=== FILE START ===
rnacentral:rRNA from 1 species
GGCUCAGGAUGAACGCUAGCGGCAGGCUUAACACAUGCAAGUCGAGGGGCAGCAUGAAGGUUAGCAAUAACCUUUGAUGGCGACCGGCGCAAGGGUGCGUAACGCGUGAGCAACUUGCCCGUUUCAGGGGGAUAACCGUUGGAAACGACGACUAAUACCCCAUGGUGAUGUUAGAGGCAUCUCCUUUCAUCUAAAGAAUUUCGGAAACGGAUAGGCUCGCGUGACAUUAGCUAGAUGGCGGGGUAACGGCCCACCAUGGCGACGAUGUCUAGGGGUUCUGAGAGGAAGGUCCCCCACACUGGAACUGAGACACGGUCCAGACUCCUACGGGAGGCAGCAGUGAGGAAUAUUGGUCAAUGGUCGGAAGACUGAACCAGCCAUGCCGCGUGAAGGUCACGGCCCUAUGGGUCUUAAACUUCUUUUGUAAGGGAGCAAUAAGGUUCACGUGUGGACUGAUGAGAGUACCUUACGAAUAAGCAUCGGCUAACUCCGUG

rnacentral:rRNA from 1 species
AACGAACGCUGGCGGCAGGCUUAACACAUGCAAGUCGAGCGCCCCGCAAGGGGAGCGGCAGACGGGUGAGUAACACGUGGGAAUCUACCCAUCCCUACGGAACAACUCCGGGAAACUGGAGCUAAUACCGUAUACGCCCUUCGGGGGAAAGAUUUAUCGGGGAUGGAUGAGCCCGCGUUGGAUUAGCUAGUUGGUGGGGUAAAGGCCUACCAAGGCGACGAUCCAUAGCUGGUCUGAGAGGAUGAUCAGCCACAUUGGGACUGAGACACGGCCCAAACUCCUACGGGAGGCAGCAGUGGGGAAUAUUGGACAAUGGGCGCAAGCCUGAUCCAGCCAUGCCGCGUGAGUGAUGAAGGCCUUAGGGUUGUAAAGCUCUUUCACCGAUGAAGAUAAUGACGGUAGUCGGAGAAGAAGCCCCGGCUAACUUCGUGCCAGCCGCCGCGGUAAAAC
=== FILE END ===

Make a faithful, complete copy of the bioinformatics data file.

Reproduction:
rnacentral:rRNA from 1 species
GGCUCAGGAUGAACGCUAGCGGCAGGCUUAACACAUGCAAGUCGAGGGGCAGCAUGAAGGUUAGCAAUAACCUUUGAUGGCGACCGGCGCAAGGGUGCGUAACGCGUGAGCAACUUGCCCGUUUCAGGGGGAUAACCGUUGGAAACGACGACUAAUACCCCAUGGUGAUGUUAGAGGCAUCUCCUUUCAUCUAAAGAAUUUCGGAAACGGAUAGGCUCGCGUGACAUUAGCUAGAUGGCGGGGUAACGGCCCACCAUGGCGACGAUGUCUAGGGGUUCUGAGAGGAAGGUCCCCCACACUGGAACUGAGACACGGUCCAGACUCCUACGGGAGGCAGCAGUGAGGAAUAUUGGUCAAUGGUCGGAAGACUGAACCAGCCAUGCCGCGUGAAGGUCACGGCCCUAUGGGUCUUAAACUUCUUUUGUAAGGGAGCAAUAAGGUUCACGUGUGGACUGAUGAGAGUACCUUACGAAUAAGCAUCGGCUAACUCCGUG

rnacentral:rRNA from 1 species
AACGAACGCUGGCGGCAGGCUUAACACAUGCAAGUCGAGCGCCCCGCAAGGGGAGCGGCAGACGGGUGAGUAACACGUGGGAAUCUACCCAUCCCUACGGAACAACUCCGGGAAACUGGAGCUAAUACCGUAUACGCCCUUCGGGGGAAAGAUUUAUCGGGGAUGGAUGAGCCCGCGUUGGAUUAGCUAGUUGGUGGGGUAAAGGCCUACCAAGGCGACGAUCCAUAGCUGGUCUGAGAGGAUGAUCAGCCACAUUGGGACUGAGACACGGCCCAAACUCCUACGGGAGGCAGCAGUGGGGAAUAUUGGACAAUGGGCGCAAGCCUGAUCCAGCCAUGCCGCGUGAGUGAUGAAGGCCUUAGGGUUGUAAAGCUCUUUCACCGAUGAAGAUAAUGACGGUAGUCGGAGAAGAAGCCCCGGCUAACUUCGUGCCAGCCGCCGCGGUAAAAC